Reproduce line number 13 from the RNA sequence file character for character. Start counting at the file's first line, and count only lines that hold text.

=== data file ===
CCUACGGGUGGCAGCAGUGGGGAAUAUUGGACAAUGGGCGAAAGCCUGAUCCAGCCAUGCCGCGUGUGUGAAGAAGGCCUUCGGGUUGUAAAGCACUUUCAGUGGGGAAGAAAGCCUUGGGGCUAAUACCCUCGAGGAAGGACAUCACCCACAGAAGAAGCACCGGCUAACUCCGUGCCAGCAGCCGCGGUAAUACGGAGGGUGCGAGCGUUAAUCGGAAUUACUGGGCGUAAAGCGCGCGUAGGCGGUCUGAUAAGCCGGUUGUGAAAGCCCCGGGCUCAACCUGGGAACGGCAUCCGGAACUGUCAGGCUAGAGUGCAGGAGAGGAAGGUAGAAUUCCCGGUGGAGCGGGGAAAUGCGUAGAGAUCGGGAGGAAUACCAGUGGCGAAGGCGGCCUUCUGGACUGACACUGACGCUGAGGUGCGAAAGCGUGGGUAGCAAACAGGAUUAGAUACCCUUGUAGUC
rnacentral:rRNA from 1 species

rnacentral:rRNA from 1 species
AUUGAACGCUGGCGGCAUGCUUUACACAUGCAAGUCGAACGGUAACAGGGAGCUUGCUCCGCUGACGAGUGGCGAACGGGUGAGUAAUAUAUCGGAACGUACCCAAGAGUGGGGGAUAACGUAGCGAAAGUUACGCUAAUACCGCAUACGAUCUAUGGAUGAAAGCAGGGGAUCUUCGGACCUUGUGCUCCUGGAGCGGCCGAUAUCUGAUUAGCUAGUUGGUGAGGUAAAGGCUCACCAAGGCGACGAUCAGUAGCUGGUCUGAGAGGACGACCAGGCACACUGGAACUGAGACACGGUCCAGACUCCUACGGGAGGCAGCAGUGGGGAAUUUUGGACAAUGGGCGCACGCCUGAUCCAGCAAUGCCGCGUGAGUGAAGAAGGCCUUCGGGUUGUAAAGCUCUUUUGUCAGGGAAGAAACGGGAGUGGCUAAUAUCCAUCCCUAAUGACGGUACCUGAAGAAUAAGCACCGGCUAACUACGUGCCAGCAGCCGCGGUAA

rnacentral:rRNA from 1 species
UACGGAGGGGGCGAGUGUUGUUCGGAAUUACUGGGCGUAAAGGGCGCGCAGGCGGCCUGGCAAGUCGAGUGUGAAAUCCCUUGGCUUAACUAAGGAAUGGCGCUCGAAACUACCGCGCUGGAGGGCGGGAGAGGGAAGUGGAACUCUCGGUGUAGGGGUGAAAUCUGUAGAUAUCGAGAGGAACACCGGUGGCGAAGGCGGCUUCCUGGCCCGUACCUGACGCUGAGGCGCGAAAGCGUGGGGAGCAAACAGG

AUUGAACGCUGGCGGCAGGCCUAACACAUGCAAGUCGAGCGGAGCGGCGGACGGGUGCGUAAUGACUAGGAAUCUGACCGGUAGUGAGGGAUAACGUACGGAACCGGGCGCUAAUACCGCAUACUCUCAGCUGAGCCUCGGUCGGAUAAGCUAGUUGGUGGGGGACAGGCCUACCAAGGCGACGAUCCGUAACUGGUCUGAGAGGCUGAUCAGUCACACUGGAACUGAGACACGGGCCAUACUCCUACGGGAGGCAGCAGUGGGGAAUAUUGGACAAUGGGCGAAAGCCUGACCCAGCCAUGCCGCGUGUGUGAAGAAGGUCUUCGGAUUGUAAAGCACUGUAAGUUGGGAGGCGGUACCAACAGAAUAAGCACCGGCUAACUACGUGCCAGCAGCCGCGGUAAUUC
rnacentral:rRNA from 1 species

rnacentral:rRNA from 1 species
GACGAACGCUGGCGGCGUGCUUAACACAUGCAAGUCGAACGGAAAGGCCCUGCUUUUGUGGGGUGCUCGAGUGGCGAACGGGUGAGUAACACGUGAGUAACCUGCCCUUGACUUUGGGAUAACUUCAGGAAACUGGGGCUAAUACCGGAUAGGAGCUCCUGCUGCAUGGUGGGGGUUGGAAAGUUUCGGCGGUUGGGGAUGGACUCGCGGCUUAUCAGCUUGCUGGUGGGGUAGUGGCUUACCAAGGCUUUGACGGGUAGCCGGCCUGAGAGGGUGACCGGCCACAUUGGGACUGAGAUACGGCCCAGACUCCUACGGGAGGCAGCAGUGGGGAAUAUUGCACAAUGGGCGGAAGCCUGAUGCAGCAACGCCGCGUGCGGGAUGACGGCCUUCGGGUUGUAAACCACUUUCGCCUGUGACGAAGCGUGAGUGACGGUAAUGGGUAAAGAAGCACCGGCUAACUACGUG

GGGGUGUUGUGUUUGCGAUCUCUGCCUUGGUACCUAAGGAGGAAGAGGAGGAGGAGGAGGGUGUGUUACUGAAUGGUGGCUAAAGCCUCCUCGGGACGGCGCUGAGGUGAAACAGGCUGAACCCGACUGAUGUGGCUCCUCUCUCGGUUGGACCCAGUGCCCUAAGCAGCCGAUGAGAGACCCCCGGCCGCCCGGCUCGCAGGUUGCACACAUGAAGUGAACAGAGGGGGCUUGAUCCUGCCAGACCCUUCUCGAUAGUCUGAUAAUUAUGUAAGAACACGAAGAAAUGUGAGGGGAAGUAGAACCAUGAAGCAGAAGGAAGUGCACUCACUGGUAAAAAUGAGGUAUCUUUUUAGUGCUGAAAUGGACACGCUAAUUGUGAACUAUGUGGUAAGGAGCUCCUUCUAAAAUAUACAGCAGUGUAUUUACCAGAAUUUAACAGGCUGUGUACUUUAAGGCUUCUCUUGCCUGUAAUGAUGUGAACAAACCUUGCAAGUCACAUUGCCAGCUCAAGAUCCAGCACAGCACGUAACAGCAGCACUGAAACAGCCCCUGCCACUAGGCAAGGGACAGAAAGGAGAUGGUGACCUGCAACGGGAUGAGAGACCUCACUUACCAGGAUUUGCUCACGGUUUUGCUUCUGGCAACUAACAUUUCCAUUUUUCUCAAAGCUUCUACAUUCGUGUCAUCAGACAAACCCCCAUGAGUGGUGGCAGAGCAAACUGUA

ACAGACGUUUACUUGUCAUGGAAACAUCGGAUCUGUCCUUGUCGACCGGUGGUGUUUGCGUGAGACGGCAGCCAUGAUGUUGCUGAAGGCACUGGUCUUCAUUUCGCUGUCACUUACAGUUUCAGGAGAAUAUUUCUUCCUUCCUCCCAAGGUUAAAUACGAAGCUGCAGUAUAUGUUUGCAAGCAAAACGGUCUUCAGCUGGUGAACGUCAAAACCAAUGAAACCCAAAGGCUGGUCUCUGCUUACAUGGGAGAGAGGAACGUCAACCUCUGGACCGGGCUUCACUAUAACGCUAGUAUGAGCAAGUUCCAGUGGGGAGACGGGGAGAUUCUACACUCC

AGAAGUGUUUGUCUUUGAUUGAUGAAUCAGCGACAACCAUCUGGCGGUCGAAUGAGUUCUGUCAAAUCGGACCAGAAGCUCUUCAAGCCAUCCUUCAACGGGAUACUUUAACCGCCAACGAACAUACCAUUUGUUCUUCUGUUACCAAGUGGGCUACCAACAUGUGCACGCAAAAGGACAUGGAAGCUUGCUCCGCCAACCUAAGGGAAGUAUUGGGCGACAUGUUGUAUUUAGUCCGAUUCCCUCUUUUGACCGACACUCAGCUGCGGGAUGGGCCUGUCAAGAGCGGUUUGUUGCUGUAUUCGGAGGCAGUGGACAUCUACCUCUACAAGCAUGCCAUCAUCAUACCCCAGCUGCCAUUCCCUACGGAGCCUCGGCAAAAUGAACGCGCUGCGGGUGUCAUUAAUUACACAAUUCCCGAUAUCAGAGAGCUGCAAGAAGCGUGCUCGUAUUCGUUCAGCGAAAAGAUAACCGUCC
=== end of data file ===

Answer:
AGAAGUGUUUGUCUUUGAUUGAUGAAUCAGCGACAACCAUCUGGCGGUCGAAUGAGUUCUGUCAAAUCGGACCAGAAGCUCUUCAAGCCAUCCUUCAACGGGAUACUUUAACCGCCAACGAACAUACCAUUUGUUCUUCUGUUACCAAGUGGGCUACCAACAUGUGCACGCAAAAGGACAUGGAAGCUUGCUCCGCCAACCUAAGGGAAGUAUUGGGCGACAUGUUGUAUUUAGUCCGAUUCCCUCUUUUGACCGACACUCAGCUGCGGGAUGGGCCUGUCAAGAGCGGUUUGUUGCUGUAUUCGGAGGCAGUGGACAUCUACCUCUACAAGCAUGCCAUCAUCAUACCCCAGCUGCCAUUCCCUACGGAGCCUCGGCAAAAUGAACGCGCUGCGGGUGUCAUUAAUUACACAAUUCCCGAUAUCAGAGAGCUGCAAGAAGCGUGCUCGUAUUCGUUCAGCGAAAAGAUAACCGUCC